Note from Chris Lange:  This guide is based on something that was sent to me by the previous 2007 Cheyenne Invitational Spring Camp-o-ree Chairman.  We only slightly referred to this in 2008, but for 2009 I would like to bring some of it back and define some of the positions a little better.  The only changes I’ve made are to remove a section on Eagle Commissioners and to add a section on Rangers and Program Councilors (PC’s).

 


From the official BSA camporee guidebook
(modified slightly for clarity & formatting):

Organizing to Get the Job Done

The successful camporee requires good planning, organization, and promotion. Organization is especially important for the selection of proper personnel, and the assignment of duties can determine the success of the whole affair.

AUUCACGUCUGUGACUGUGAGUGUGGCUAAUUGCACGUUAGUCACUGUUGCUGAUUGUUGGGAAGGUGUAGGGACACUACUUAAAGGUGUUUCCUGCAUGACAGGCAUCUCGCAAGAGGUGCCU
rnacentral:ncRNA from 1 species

The responsibility for planning, promoting, and conducting a district or council camporee (all districts having a joint camporee with a coordinated program similar to a national jamboree) will vary somewhat according to how your council and district is organized.

Camporees are usually the responsibility of the activities committee, but might be handled by the camping committee or a special task force established just for that purpose. In no cases should commissioner staff members be given the responsibility for administering this event – their job is “to commission.”

The Camporee Task Force

This group is composed of:

  • A general Chair and coordinator

  • A staff adviser, in charge of all event staff

  • A camporee chief, in charge of the day’s activities

  • A Participation chair, in charge of registration and attendance

  • A physical arrangements chair, in charge of location and facilities

  • A publicity chair, for promotion and visibility

  • An awards chair A finance chair

  • A health and safety chair

  • An events chair